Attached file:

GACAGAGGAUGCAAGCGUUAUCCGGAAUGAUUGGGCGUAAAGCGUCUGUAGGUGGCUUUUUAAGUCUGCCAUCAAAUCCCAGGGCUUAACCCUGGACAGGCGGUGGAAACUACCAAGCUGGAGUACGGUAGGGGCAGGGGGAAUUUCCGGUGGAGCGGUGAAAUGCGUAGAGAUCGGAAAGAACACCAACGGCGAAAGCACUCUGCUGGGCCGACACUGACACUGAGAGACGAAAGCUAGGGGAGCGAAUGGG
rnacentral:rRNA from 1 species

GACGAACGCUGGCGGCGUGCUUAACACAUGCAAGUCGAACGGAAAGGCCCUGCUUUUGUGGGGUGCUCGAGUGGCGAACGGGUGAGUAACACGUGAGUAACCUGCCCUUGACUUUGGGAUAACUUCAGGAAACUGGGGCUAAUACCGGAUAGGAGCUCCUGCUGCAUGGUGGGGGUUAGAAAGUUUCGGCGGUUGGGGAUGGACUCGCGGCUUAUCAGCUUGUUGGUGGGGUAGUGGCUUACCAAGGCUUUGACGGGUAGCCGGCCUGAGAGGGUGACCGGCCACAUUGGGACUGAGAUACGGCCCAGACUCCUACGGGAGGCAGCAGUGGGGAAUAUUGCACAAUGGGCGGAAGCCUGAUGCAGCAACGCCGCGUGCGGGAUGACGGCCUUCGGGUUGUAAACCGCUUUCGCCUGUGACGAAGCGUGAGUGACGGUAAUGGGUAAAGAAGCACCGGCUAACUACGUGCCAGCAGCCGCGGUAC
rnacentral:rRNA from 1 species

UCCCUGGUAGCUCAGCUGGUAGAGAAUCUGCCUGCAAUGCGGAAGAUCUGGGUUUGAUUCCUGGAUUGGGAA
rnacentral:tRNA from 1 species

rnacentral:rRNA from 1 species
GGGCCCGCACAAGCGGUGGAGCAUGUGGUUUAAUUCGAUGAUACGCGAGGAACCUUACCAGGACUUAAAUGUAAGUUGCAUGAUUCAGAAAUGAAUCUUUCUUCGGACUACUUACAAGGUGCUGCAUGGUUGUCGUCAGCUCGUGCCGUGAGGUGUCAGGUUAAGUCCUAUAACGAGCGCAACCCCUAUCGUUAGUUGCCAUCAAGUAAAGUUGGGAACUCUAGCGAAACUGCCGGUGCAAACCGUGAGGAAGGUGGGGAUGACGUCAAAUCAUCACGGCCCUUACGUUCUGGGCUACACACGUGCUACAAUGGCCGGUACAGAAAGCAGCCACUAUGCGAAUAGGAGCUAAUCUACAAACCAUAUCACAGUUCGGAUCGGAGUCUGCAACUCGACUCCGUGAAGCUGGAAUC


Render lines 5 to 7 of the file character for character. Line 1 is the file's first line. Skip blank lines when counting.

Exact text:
UCCCUGGUAGCUCAGCUGGUAGAGAAUCUGCCUGCAAUGCGGAAGAUCUGGGUUUGAUUCCUGGAUUGGGAA
rnacentral:tRNA from 1 species

rnacentral:rRNA from 1 species